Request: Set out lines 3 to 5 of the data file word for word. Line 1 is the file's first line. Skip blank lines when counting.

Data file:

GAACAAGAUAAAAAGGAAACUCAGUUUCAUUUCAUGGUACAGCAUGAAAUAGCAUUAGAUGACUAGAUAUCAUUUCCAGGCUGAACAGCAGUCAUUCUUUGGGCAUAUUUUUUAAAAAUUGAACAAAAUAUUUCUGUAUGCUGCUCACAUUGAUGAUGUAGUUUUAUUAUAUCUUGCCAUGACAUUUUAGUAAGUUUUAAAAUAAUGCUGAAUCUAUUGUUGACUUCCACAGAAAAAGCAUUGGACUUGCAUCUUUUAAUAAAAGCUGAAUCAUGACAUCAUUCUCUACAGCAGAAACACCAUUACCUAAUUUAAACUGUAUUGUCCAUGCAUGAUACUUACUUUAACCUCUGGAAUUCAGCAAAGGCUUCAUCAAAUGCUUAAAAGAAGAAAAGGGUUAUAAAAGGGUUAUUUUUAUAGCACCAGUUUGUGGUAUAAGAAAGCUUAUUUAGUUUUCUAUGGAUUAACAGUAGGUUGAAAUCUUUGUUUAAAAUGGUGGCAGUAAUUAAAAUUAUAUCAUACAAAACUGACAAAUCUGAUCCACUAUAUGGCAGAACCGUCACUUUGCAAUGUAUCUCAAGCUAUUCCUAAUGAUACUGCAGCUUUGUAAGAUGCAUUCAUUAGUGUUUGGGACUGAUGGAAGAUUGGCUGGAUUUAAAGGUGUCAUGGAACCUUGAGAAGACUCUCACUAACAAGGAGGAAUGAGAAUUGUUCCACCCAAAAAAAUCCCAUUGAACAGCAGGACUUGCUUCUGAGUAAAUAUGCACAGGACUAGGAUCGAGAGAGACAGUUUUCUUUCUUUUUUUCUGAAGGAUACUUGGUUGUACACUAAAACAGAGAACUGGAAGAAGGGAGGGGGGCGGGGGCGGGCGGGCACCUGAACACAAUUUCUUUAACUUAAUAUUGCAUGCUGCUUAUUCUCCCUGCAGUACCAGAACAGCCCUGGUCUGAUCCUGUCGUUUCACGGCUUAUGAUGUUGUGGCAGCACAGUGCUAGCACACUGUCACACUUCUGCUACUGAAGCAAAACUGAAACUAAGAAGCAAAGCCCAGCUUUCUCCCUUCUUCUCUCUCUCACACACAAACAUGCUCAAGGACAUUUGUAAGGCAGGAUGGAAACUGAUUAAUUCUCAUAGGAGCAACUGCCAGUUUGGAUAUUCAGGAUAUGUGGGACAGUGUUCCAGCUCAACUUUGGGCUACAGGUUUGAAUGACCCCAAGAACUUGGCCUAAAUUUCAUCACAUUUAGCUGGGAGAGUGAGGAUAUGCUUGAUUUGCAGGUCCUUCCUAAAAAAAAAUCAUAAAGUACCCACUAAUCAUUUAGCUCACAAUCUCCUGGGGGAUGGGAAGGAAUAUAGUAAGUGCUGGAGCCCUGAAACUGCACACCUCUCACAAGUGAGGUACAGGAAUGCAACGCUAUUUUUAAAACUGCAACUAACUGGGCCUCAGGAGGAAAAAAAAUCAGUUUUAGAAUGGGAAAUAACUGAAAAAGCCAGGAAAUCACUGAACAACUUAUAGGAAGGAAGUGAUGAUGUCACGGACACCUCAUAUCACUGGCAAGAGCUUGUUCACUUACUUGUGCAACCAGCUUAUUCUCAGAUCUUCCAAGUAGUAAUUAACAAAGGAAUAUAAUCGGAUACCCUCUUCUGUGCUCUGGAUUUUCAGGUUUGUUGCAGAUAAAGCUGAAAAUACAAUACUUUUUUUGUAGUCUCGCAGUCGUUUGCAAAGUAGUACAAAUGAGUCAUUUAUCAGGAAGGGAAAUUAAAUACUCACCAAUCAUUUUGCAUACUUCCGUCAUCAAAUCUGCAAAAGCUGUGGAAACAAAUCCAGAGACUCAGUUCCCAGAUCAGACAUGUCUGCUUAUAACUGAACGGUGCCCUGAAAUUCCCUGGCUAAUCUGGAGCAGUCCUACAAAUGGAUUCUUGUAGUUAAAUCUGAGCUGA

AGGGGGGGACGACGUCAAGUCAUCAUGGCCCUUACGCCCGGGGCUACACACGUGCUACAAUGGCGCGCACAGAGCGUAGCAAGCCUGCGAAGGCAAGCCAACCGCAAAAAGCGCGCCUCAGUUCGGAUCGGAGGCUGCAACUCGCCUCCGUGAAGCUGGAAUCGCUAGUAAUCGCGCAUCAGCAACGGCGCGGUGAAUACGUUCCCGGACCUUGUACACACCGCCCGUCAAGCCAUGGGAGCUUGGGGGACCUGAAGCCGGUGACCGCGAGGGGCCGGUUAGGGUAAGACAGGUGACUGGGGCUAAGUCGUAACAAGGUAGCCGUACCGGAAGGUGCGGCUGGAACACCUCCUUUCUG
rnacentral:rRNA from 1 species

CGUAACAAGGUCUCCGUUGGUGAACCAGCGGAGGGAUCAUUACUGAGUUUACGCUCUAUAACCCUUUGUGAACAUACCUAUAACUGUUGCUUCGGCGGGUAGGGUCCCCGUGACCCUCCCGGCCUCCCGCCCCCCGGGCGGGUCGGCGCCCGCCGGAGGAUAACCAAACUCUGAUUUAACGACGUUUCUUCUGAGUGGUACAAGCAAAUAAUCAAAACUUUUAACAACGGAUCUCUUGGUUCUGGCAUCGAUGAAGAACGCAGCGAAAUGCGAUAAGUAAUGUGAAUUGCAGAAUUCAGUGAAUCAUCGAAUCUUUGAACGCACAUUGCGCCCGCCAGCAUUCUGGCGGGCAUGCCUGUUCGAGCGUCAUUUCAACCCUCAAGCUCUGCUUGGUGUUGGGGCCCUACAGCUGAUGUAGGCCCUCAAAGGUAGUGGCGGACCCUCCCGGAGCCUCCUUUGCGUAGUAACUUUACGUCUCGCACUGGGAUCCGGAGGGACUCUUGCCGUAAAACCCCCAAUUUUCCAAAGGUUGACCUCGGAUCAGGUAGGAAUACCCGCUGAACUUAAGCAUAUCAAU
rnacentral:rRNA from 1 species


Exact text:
rnacentral:rRNA from 1 species

CGUAACAAGGUCUCCGUUGGUGAACCAGCGGAGGGAUCAUUACUGAGUUUACGCUCUAUAACCCUUUGUGAACAUACCUAUAACUGUUGCUUCGGCGGGUAGGGUCCCCGUGACCCUCCCGGCCUCCCGCCCCCCGGGCGGGUCGGCGCCCGCCGGAGGAUAACCAAACUCUGAUUUAACGACGUUUCUUCUGAGUGGUACAAGCAAAUAAUCAAAACUUUUAACAACGGAUCUCUUGGUUCUGGCAUCGAUGAAGAACGCAGCGAAAUGCGAUAAGUAAUGUGAAUUGCAGAAUUCAGUGAAUCAUCGAAUCUUUGAACGCACAUUGCGCCCGCCAGCAUUCUGGCGGGCAUGCCUGUUCGAGCGUCAUUUCAACCCUCAAGCUCUGCUUGGUGUUGGGGCCCUACAGCUGAUGUAGGCCCUCAAAGGUAGUGGCGGACCCUCCCGGAGCCUCCUUUGCGUAGUAACUUUACGUCUCGCACUGGGAUCCGGAGGGACUCUUGCCGUAAAACCCCCAAUUUUCCAAAGGUUGACCUCGGAUCAGGUAGGAAUACCCGCUGAACUUAAGCAUAUCAAU
rnacentral:rRNA from 1 species